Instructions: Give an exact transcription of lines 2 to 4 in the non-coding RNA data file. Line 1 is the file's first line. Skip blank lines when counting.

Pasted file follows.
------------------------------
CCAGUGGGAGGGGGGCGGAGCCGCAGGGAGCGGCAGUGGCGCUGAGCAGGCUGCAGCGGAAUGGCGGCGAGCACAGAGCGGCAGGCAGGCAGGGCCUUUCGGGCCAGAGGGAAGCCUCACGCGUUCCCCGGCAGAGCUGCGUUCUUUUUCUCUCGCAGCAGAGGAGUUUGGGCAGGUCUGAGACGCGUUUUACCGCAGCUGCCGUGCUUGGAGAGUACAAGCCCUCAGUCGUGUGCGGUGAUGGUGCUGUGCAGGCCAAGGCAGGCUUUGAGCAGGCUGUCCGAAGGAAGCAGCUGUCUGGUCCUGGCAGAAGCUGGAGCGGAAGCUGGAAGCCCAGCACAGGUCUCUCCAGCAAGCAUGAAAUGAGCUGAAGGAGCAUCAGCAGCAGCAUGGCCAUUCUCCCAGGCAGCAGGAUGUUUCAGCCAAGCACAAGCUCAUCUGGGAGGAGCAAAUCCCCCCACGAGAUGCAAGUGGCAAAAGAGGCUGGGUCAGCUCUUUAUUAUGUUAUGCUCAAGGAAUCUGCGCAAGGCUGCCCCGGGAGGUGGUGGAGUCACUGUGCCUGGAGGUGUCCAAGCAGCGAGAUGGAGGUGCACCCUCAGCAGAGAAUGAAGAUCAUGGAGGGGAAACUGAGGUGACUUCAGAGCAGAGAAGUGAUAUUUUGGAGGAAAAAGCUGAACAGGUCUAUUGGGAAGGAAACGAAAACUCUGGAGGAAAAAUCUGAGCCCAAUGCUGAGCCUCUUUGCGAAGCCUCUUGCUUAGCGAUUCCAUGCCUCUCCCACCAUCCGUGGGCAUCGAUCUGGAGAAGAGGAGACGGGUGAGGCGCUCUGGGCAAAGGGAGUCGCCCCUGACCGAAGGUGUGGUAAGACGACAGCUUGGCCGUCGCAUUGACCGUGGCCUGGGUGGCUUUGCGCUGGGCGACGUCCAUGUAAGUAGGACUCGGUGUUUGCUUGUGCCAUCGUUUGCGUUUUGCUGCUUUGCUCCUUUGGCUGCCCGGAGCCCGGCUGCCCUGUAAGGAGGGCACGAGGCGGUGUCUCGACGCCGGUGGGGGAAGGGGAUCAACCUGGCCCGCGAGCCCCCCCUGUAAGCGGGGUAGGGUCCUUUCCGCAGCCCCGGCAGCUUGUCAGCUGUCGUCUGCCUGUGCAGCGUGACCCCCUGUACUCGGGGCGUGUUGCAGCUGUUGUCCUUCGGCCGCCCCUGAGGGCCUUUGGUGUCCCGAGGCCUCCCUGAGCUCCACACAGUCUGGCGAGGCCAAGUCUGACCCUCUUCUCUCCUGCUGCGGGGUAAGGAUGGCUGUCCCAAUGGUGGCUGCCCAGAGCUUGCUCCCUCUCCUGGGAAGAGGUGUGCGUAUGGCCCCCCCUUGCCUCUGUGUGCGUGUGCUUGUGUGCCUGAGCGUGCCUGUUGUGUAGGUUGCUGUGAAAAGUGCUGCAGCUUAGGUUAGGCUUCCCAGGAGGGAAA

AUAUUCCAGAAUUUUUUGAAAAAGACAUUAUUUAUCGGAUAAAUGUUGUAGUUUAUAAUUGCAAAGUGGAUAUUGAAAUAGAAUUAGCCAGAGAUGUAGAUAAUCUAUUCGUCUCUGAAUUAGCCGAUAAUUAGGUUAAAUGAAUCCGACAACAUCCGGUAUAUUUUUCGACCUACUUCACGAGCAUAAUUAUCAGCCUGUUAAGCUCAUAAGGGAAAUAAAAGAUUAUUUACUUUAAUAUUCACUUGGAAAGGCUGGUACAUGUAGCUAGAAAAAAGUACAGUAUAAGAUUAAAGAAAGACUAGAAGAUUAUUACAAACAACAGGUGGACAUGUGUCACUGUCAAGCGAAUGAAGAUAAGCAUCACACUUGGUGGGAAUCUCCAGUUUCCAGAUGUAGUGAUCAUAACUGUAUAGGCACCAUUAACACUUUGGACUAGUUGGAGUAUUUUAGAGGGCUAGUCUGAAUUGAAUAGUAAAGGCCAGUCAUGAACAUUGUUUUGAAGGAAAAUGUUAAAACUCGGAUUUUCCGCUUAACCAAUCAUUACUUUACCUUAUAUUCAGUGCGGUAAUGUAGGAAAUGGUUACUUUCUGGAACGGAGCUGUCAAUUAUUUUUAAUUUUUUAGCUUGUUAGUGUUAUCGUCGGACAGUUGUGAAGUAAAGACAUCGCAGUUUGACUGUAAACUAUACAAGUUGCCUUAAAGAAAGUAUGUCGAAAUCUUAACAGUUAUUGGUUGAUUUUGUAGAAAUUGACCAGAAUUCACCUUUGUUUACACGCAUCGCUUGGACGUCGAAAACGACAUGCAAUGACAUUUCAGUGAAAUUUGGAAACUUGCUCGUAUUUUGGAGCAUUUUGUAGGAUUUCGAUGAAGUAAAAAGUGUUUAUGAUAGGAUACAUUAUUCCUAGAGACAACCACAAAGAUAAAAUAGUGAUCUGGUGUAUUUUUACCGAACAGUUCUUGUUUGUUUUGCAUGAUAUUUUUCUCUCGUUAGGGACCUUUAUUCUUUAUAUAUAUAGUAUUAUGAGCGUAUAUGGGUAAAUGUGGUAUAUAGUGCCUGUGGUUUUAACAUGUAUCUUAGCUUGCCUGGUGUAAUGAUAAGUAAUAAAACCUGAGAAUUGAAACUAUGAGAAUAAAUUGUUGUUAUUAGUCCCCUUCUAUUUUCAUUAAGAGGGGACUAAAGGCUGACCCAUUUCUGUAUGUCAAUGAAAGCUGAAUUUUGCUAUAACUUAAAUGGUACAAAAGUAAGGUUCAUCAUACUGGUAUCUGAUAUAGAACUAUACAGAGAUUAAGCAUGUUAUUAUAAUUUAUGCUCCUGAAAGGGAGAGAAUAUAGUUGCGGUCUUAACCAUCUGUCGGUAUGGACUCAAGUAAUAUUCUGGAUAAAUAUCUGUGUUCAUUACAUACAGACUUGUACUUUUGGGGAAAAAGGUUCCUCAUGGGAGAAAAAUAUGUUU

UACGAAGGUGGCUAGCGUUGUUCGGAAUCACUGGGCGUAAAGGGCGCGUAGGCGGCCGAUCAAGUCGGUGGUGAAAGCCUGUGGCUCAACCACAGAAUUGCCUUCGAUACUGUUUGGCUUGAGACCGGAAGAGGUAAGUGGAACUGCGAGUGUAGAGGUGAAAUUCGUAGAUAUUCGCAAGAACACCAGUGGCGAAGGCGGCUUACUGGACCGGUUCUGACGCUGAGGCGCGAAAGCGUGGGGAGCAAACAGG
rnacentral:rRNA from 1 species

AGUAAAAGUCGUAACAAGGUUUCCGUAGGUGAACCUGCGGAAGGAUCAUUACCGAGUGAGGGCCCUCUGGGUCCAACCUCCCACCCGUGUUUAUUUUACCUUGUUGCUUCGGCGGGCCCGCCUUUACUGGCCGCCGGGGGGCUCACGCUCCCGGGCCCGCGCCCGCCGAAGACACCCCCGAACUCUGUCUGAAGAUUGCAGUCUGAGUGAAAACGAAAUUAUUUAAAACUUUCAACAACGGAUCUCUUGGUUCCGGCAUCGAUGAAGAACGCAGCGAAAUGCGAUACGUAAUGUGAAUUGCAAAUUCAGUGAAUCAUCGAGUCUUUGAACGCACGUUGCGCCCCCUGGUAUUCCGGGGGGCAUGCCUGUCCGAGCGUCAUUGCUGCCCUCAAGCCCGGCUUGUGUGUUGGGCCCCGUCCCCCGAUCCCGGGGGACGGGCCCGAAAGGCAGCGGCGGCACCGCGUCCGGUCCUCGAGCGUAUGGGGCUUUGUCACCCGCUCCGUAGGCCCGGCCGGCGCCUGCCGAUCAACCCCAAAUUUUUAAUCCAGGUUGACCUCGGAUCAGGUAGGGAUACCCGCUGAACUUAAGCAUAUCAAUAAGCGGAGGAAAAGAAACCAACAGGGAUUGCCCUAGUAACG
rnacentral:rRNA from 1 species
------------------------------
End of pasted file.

AUAUUCCAGAAUUUUUUGAAAAAGACAUUAUUUAUCGGAUAAAUGUUGUAGUUUAUAAUUGCAAAGUGGAUAUUGAAAUAGAAUUAGCCAGAGAUGUAGAUAAUCUAUUCGUCUCUGAAUUAGCCGAUAAUUAGGUUAAAUGAAUCCGACAACAUCCGGUAUAUUUUUCGACCUACUUCACGAGCAUAAUUAUCAGCCUGUUAAGCUCAUAAGGGAAAUAAAAGAUUAUUUACUUUAAUAUUCACUUGGAAAGGCUGGUACAUGUAGCUAGAAAAAAGUACAGUAUAAGAUUAAAGAAAGACUAGAAGAUUAUUACAAACAACAGGUGGACAUGUGUCACUGUCAAGCGAAUGAAGAUAAGCAUCACACUUGGUGGGAAUCUCCAGUUUCCAGAUGUAGUGAUCAUAACUGUAUAGGCACCAUUAACACUUUGGACUAGUUGGAGUAUUUUAGAGGGCUAGUCUGAAUUGAAUAGUAAAGGCCAGUCAUGAACAUUGUUUUGAAGGAAAAUGUUAAAACUCGGAUUUUCCGCUUAACCAAUCAUUACUUUACCUUAUAUUCAGUGCGGUAAUGUAGGAAAUGGUUACUUUCUGGAACGGAGCUGUCAAUUAUUUUUAAUUUUUUAGCUUGUUAGUGUUAUCGUCGGACAGUUGUGAAGUAAAGACAUCGCAGUUUGACUGUAAACUAUACAAGUUGCCUUAAAGAAAGUAUGUCGAAAUCUUAACAGUUAUUGGUUGAUUUUGUAGAAAUUGACCAGAAUUCACCUUUGUUUACACGCAUCGCUUGGACGUCGAAAACGACAUGCAAUGACAUUUCAGUGAAAUUUGGAAACUUGCUCGUAUUUUGGAGCAUUUUGUAGGAUUUCGAUGAAGUAAAAAGUGUUUAUGAUAGGAUACAUUAUUCCUAGAGACAACCACAAAGAUAAAAUAGUGAUCUGGUGUAUUUUUACCGAACAGUUCUUGUUUGUUUUGCAUGAUAUUUUUCUCUCGUUAGGGACCUUUAUUCUUUAUAUAUAUAGUAUUAUGAGCGUAUAUGGGUAAAUGUGGUAUAUAGUGCCUGUGGUUUUAACAUGUAUCUUAGCUUGCCUGGUGUAAUGAUAAGUAAUAAAACCUGAGAAUUGAAACUAUGAGAAUAAAUUGUUGUUAUUAGUCCCCUUCUAUUUUCAUUAAGAGGGGACUAAAGGCUGACCCAUUUCUGUAUGUCAAUGAAAGCUGAAUUUUGCUAUAACUUAAAUGGUACAAAAGUAAGGUUCAUCAUACUGGUAUCUGAUAUAGAACUAUACAGAGAUUAAGCAUGUUAUUAUAAUUUAUGCUCCUGAAAGGGAGAGAAUAUAGUUGCGGUCUUAACCAUCUGUCGGUAUGGACUCAAGUAAUAUUCUGGAUAAAUAUCUGUGUUCAUUACAUACAGACUUGUACUUUUGGGGAAAAAGGUUCCUCAUGGGAGAAAAAUAUGUUU

UACGAAGGUGGCUAGCGUUGUUCGGAAUCACUGGGCGUAAAGGGCGCGUAGGCGGCCGAUCAAGUCGGUGGUGAAAGCCUGUGGCUCAACCACAGAAUUGCCUUCGAUACUGUUUGGCUUGAGACCGGAAGAGGUAAGUGGAACUGCGAGUGUAGAGGUGAAAUUCGUAGAUAUUCGCAAGAACACCAGUGGCGAAGGCGGCUUACUGGACCGGUUCUGACGCUGAGGCGCGAAAGCGUGGGGAGCAAACAGG
rnacentral:rRNA from 1 species